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Famous people associated with old Belfast

Article contributed by Raymond O'Regan.

(June 2004)

Greater Belfast

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The Duke of Wellington, Dean Swift, Sir John Soane, Sir James Murray: these are just a few of the people that you would think had no connection with Belfast but read on:

The Duke of Wellington :
Did you ever wonder why there are so many references to the Duke in Belfast e.g Wellington Place, Wellesley Avenue etc (Wellesley was the duke's surname. The duke's mother lived for a time in Belfast at Anna's Dale (present day Annadale and site of Wellington College). The duke spent part of his childhood in Belfast.

Dean Swift :
Jonathan Swift was a minister at Kilroot* and he courted the daughter of a Mr Waring who owned a tannery in Waring Street. Swift referred to Waring's daughter, Jayne, as "Varina". Unfortunately she spurned his advances. Swift was supposed to have got the idea of the giants in "Gullivers Travels" from the profile of the Cavehill at Napolean's Nose. If you look at it at an angle of 90 degrees it looks like a giant asleep. There is also an area on the York road near the old Midland Hotel called "Lilliput Farm"(see the Belfast Rental Books 1850 The Encumbered Estates)

* Swift's little cottage at Kilroot survived from the 17th century up until the 1960s when unfortunately it was demolished.

Sir John Soane :
Did you know that the man who designed the Bank of England also designed that fine school "INST" (foundation stone laid in 1810 and opened in 1814). He provided his services free of charge and the original plan was for a building twice what you see today but it had to be curtailed due to lack of finance. This need for finance also lead to the lease of land for the building of the "Tech" opened in 1907.

Sir James Murray:
Jury's Hotel is situated in Murray St (just beside "INST") and the street is named after Sir James Murray, who had houses built on the site in the 19th century. He is famous because he is the inventor of "Milk of Magnesia".
The Marquis of Anglesley (the Lord Lieutenant) on a visit to Belfast to see his friend the Marquis of Donegall, came down with a stomach ailment. James Murray, a local apothocary, was called in. Murray had been experimenting with liquid magnesium and came up with what is known today as "Milk of Magnesia", which cured the Marquis's ailment. Murray moved to Dublin and became apothocary to the Lord Lieutenant. His two sons are buried in Clifton St. graveyard but he is buried in Dublin.

This is just a flavour of some of those famous people that you wouldn't have thought had any connection with Belfast.

YOUR RESPONSES


NI Native - Apr '07
How good to see these worthy people being rcognised. Very interesting reading.Also enjoyed the 'N.I. HALL OF FAME. '

Raita Johnson-Outinen - Feb '07
There area couple of sentences from my book about my life with Ray Charles. I wonder how they got on this site, since I myself have never visited the site before. Of course I`m flattered to be mentioned, I love Belfast and know so much more of it today. But. I never sent my regards to the other readers.Somebody must think she is me.! Now I do send my best to all visiting this interesting site.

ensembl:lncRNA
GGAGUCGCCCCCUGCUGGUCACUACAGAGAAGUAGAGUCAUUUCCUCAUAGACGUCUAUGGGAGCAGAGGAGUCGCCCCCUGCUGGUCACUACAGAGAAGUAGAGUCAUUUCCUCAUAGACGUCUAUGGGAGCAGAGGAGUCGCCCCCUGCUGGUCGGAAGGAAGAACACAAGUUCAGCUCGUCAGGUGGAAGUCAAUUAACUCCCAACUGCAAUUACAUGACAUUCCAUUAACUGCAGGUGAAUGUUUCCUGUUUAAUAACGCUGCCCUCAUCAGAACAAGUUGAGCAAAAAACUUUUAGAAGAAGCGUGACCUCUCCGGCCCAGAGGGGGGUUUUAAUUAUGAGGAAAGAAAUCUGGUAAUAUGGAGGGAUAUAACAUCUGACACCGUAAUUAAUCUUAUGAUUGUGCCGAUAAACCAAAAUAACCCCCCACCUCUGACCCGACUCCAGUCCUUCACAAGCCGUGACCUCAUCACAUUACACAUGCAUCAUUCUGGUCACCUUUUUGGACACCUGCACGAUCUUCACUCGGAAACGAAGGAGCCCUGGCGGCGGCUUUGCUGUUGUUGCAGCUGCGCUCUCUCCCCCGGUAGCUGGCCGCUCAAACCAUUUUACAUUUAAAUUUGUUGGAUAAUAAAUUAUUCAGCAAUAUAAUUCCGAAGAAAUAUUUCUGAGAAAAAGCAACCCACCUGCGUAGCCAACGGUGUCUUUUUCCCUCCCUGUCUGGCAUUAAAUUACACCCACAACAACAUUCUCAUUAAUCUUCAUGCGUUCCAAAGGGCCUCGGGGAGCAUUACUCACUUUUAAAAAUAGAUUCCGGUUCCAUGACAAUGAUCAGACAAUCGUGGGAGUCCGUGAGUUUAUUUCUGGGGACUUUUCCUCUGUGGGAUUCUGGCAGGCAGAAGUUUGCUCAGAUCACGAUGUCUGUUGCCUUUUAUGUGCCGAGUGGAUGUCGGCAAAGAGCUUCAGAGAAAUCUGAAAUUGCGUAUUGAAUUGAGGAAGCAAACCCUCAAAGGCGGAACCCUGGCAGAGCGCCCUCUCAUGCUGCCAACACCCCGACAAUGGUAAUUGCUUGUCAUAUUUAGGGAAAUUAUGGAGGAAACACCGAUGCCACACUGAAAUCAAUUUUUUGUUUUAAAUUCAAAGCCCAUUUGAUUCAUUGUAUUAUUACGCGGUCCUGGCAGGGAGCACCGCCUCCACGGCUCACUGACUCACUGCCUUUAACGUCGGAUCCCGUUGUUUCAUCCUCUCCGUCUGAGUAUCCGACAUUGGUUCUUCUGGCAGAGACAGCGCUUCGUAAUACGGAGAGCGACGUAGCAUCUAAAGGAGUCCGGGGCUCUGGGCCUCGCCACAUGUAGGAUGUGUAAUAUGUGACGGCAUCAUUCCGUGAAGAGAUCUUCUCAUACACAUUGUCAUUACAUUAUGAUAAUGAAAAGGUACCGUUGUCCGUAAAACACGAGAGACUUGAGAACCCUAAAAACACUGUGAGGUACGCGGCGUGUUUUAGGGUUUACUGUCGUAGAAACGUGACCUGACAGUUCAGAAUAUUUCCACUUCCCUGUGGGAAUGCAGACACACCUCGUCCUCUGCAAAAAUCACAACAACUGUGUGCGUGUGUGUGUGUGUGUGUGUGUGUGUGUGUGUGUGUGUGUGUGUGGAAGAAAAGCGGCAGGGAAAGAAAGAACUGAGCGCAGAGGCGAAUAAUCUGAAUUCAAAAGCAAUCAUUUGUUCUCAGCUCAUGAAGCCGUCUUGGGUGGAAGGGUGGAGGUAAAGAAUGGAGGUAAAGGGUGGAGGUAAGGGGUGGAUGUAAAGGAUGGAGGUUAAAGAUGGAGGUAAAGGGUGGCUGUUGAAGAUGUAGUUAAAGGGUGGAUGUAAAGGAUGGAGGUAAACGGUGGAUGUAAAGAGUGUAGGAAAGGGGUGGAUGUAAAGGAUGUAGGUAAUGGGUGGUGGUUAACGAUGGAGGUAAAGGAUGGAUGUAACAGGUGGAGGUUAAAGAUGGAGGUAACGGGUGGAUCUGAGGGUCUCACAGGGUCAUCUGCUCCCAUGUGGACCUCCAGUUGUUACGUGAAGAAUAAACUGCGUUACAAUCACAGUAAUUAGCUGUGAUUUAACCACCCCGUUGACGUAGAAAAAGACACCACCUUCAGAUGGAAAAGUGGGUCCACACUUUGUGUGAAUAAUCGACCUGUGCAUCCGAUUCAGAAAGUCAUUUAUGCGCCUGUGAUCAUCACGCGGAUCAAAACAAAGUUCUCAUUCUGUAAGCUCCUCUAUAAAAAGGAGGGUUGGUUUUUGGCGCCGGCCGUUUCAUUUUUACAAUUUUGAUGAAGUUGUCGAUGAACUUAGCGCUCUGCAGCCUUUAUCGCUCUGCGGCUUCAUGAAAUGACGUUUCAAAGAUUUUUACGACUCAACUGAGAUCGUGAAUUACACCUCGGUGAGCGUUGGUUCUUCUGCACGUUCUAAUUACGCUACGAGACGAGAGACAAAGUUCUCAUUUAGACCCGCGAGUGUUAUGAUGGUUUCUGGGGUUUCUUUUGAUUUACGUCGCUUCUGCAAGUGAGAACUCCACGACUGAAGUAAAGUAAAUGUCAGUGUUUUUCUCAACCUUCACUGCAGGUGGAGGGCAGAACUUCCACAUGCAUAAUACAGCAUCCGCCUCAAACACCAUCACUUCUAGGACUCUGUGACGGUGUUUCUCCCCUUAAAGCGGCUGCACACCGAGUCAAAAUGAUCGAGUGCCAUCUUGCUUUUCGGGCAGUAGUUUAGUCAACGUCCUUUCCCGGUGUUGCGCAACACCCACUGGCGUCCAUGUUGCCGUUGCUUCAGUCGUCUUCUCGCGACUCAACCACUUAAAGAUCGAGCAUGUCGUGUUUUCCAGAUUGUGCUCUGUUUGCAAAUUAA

Raita Johnson-Outinen - January '07
There is a couple of sentences from my book about my life with Ray Charles. I wonder how they got on this site, since I myself have never visited the site before. Of course I`m flattered to be mentioned, I love Belfast and know so much more of it today.But. I never sent my regards to the other readers.Somebody must think she is me.!Now I do send my best to all visiting this interesting site,

Raita Johnson


 


Gerri Moaratty
- Oct '06
Thank you for such interesting reading of my "ole" home town I still miss after 38yrs what happened to that Tannery on Waring St do you have that info, I think my grandfather may have worked there.

Irene and Brian - Oct' 06
Lovely reading all the comments, I still get very home sick for the old place being a visitor is not quite the same maybe one day, I will go home for good.

Raymond O'Regan - July '06
FAO Raita Johnson
The title of this piece refers to olde Belfast. Of course Van [Ivan] Morrisson would be included in modern day famous sons of Belfast. I was involved in a little book entitled "Celebrated Citizens of Belfast" (Appletree Press) where you will find Van and many other famous people.

Rita(Raita) Johnson - July '06

Hello! When I arrived in Dublin, Ireland in the mid-sixties, all I knew about Ireland was James Joyce and Van Morrison.(My boyfirned was making a movie there:Ballad in Blue)

Now as I read the history of Belfast, I can not find Van Morrison, and I wonder why. Isn´t he part of it at all? He was born in Belfat, 1945, and is probably the best know Irishman all over the world at this time. Why have you forgotten him? Regards, Rita Johnson

Joyce Kernohan - June '06
You mention Dean Swifts little round house at Kilroot, this was not demolished but burnt by vandals I believe.

Irene - July '05
Its great to read the history of the city. Can you tell me anything about Murrays Tobacco Works? Interested in hearing from you. Regards. Irene.

JOE ARMSTRONG
I find it fascinating to find that milk of magnesia is related to murray street, i know that street so well having stood there many a night waiting to get into the A.B.C. PICTURE HOUSE in the 70's. POWERFUL!

 



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